Many people wish to develop their estate plans in a manner to avoid probate. They can use beneficiary designations for investment accounts, title accounts as payable on death or transfer on death, or even title assets jointly with another person. However, with real estate, often there are reasons why you would not want to add another person to your title and give that person an immediate ownership interest.
One option is to deed your property to others, for example, your children, and reserve a life estate. This allows you as the life tenant the right to possess and occupy the property during your life. Upon the death of the life tenant the property passes, without probate, to the children or other persons named in the deed (the “remaindermen”).
Although this may be an effective method of avoiding probate, a life estate deed has drawbacks. The life tenant cannot sell or mortgage the property without the consent and joinder of the remaindermen, the life tenant is responsible to the remaindermen for any acts that devalue the property, and the interests of the remaindermen are subject to the claims of their creditors.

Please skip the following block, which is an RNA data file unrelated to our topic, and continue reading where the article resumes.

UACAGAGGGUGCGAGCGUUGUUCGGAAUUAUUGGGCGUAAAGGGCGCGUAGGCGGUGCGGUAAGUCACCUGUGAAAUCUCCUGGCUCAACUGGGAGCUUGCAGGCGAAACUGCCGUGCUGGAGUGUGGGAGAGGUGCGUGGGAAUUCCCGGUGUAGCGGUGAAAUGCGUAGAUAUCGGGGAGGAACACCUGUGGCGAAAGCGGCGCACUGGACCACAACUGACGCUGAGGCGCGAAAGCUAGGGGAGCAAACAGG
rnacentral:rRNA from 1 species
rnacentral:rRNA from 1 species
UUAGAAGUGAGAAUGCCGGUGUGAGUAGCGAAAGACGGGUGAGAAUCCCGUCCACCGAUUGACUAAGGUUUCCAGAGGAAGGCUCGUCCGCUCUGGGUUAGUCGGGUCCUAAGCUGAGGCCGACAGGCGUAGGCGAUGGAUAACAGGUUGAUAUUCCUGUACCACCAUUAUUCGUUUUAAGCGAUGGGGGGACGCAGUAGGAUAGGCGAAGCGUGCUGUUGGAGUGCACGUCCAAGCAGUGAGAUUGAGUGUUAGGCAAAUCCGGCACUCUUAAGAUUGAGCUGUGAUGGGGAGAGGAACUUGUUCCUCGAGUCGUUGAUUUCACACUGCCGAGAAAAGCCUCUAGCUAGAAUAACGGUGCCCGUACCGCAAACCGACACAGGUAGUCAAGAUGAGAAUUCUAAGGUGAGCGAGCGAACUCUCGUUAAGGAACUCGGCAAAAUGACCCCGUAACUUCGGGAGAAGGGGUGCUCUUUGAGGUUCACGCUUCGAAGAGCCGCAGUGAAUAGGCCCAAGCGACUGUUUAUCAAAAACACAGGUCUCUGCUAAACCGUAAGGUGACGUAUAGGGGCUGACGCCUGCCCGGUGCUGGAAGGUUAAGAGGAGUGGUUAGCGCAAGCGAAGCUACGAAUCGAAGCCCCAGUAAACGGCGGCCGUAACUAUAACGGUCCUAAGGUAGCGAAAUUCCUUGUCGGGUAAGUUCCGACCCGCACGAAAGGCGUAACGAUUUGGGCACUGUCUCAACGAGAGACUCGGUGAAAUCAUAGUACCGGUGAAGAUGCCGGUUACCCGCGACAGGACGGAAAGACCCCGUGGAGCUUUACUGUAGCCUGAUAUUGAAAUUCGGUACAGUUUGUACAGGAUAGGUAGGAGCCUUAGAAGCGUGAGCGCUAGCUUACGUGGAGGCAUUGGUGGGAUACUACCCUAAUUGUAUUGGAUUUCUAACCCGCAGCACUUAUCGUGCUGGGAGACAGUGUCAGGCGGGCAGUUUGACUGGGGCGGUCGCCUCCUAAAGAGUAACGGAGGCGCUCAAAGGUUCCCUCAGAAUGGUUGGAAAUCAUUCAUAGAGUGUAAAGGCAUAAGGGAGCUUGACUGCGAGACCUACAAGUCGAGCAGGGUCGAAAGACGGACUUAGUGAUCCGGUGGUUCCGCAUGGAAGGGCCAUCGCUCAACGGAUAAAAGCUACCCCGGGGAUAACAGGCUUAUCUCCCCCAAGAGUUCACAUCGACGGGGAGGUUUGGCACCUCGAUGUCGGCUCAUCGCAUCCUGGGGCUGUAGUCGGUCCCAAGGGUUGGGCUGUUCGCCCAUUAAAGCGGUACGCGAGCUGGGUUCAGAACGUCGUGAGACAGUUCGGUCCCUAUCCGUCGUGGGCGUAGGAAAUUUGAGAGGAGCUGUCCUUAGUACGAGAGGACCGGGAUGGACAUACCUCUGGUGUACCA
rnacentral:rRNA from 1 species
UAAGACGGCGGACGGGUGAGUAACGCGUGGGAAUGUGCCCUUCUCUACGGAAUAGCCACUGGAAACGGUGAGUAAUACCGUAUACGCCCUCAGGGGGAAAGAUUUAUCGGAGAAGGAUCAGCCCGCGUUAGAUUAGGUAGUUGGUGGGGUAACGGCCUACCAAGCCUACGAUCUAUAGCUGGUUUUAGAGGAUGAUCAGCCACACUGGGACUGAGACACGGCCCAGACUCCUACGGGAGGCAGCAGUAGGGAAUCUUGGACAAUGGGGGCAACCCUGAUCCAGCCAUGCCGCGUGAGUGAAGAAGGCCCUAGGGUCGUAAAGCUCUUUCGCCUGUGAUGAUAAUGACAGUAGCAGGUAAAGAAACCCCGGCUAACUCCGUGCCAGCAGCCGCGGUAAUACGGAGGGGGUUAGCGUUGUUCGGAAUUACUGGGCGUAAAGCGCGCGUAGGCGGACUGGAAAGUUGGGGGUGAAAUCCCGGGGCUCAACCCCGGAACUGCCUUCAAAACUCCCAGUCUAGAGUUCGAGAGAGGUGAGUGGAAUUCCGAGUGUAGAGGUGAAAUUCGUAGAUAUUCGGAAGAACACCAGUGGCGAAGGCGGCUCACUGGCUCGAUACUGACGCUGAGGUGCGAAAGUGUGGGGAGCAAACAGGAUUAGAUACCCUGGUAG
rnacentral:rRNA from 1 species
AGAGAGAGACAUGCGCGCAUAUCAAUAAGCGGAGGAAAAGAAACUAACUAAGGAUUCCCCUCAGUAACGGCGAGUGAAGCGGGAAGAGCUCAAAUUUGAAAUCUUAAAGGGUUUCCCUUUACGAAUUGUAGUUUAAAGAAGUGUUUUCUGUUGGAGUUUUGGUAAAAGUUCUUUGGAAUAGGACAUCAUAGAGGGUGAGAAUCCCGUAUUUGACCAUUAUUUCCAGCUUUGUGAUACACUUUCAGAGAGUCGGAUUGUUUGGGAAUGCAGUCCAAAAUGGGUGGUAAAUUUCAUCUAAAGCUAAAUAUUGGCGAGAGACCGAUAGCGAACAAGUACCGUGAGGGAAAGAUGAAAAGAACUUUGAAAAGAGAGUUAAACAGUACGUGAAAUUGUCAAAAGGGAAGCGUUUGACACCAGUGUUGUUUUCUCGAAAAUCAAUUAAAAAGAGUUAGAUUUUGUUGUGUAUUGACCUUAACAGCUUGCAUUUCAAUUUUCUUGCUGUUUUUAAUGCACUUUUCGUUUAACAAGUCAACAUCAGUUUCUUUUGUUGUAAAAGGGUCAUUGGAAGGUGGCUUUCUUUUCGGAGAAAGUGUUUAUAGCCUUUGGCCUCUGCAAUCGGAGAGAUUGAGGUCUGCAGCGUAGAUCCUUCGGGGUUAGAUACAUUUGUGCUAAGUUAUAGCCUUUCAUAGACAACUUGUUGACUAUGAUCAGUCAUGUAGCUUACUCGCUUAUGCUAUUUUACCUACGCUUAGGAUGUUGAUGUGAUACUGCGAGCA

It is possible to avoid at least some of the drawbacks by use of an “enhanced life estate” deed, sometimes called a “Lady Bird deed” in reference to published examples where President Lyndon B. Johnson conveyed an enhanced life estate deed to his wife, Lady Bird Johnson.
In a “Lady Bird deed” the life tenant specifically reserves the power to sell, mortgage and otherwise deal with the property without the consent or joinder of the remaindermen. Although the courts in some states have held such retained powers to be invalid, Florida recognizes Lady Bird deeds as valid with respect to a conveyance or encumbrance by the life tenant, without the consent or joinder of the remaindermen, provided that the transaction is bona fide and arm’s length for value.
In the absence of Florida court rulings, however, uncertainty remains with respect to other actions by the life tenant. The life tenant probably cannot revoke the Lady Bird deed and name new remaindermen. In addition, the deed may not be valid with respect to homestead property if the life tenant dies with a surviving spouse or minor children. Finally, a conveyance by the life tenant may not eliminate judgment liens against a remainderman’s interest.
A Lady Bird deed is an effective estate planning tool only if it is properly drafted and all adverse consequences are carefully evaluated.
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It is not offered as legal advice or legal opinion.
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